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UHV uses federal grant to establish new services to prevent violence

Sept. 1, 2012 at 4:01 a.m.

Motivational speaker Tamika Hall, front left, uses balloons to represent each part of UHV freshmen's lives. The balloons helped demonstrate the importance of students staying focused as they juggle school and other activities.

The University of Houston-Victoria has new services to help prevent sexual assault, domestic violence, dating violence and stalking on campus after receiving a nearly $300,000 grant in November from the U.S. Department of Justice.

The $299,752, three-year grant is funding the development of violence prevention strategies on campus through a newly formed task force, new personnel and increased education.

"It has been valuable for UHV to receive this grant when we are in the formative stage of developing a residential campus," said Margaret Rice, UHV chief of staff and the grant's project director.

A major part of the grant includes expanding safety and counseling options in the form of three new staff positions - a victim advocate, a female psychologist and a peace officer.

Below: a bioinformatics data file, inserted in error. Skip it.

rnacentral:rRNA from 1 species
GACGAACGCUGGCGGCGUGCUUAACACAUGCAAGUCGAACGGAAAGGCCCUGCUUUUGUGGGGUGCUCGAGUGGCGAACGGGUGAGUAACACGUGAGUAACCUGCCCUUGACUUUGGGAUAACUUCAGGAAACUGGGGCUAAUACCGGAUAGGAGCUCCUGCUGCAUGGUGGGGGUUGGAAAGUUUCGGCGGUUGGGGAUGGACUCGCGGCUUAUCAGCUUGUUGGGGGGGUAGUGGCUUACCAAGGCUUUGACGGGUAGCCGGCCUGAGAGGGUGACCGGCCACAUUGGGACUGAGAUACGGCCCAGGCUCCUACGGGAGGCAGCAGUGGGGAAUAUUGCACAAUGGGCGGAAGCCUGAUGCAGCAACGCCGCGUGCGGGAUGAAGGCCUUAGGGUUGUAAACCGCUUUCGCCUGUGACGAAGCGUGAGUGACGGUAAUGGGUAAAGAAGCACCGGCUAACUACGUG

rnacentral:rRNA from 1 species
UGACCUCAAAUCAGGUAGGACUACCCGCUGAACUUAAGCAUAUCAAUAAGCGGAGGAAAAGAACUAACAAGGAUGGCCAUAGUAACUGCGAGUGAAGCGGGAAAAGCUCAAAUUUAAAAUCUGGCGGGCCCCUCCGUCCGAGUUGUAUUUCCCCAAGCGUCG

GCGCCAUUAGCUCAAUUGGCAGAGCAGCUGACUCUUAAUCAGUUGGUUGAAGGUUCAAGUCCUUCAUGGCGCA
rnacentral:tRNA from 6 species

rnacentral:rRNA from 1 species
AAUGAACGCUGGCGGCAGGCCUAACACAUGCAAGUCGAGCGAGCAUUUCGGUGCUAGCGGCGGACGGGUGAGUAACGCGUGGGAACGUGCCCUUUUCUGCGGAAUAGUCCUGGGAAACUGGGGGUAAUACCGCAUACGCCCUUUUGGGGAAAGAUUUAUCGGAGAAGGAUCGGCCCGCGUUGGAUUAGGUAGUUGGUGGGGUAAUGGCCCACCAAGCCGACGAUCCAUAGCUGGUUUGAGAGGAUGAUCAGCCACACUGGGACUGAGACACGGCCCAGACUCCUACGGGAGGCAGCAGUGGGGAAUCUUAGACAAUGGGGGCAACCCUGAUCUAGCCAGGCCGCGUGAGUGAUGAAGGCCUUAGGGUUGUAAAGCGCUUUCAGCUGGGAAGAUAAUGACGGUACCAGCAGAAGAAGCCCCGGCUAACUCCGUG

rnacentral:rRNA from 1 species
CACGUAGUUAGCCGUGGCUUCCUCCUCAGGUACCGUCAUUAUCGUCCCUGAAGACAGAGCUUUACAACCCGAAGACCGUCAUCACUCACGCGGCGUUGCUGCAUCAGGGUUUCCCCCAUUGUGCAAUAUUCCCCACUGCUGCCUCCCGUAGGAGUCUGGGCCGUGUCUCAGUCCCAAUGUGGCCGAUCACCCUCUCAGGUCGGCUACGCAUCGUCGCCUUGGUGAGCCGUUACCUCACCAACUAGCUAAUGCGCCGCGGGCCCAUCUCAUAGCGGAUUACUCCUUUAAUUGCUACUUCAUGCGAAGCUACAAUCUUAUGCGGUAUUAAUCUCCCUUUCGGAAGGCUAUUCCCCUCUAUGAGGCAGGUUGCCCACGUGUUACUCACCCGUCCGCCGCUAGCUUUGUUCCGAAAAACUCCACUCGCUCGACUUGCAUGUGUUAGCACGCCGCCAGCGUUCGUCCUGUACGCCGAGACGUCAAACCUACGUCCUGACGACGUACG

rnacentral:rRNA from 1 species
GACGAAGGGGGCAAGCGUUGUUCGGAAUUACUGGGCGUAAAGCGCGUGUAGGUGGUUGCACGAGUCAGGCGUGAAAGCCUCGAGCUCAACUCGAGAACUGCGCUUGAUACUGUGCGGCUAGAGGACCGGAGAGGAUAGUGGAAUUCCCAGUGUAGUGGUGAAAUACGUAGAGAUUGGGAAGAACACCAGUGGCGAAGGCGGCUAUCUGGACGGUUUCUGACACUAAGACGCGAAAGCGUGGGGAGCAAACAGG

The victim advocate recently started, the psychologist will start in September and a peace officer will be hired soon.

The grant provides part-time funding for each position, but UHV is adding additional funds to make the three positions full time. This demonstrates the importance the university is placing on the initiative and student safety, Rice said.

"With only our third freshman class joining UHV this year, we are still a young university," said Jesus Aros, UHV director of counseling and lead psychologist.

The Women's Resource Center at the University of Houston and the counseling center at UH-Clear Lake were used as examples in expanding the UHV Counseling Center, Aros said.

Elena Torres also recently was hired as the UHV victim advocate. With more than 20 years of experience as a clinical social worker, she has an extensive counseling background in domestic violence; sexual assault; and drug, alcohol and psychiatric problems.

Incoming freshmen also received violence awareness training during the Jaguar Journey new student orientation held before classes started. Two nationally known presenters, Tamika Hall and Tim Collins, offered students both female and male perspectives on violence.

Hall's workshop, "Love Doesn't Leave Bruises," was based on her best-selling book by the same name. She gave a personal account of dating abuse and incorporated interactive activities to teach students the realities of dating violence.

Collins spoke about on-campus dating violence as well as bullying, peer pressure, self-esteem and rape prevention.

The new services offered from the U.S. Department of Justice grant are available to all UHV students, faculty and staff in Victoria, at the UH System teaching centers in Fort Bend County and online.



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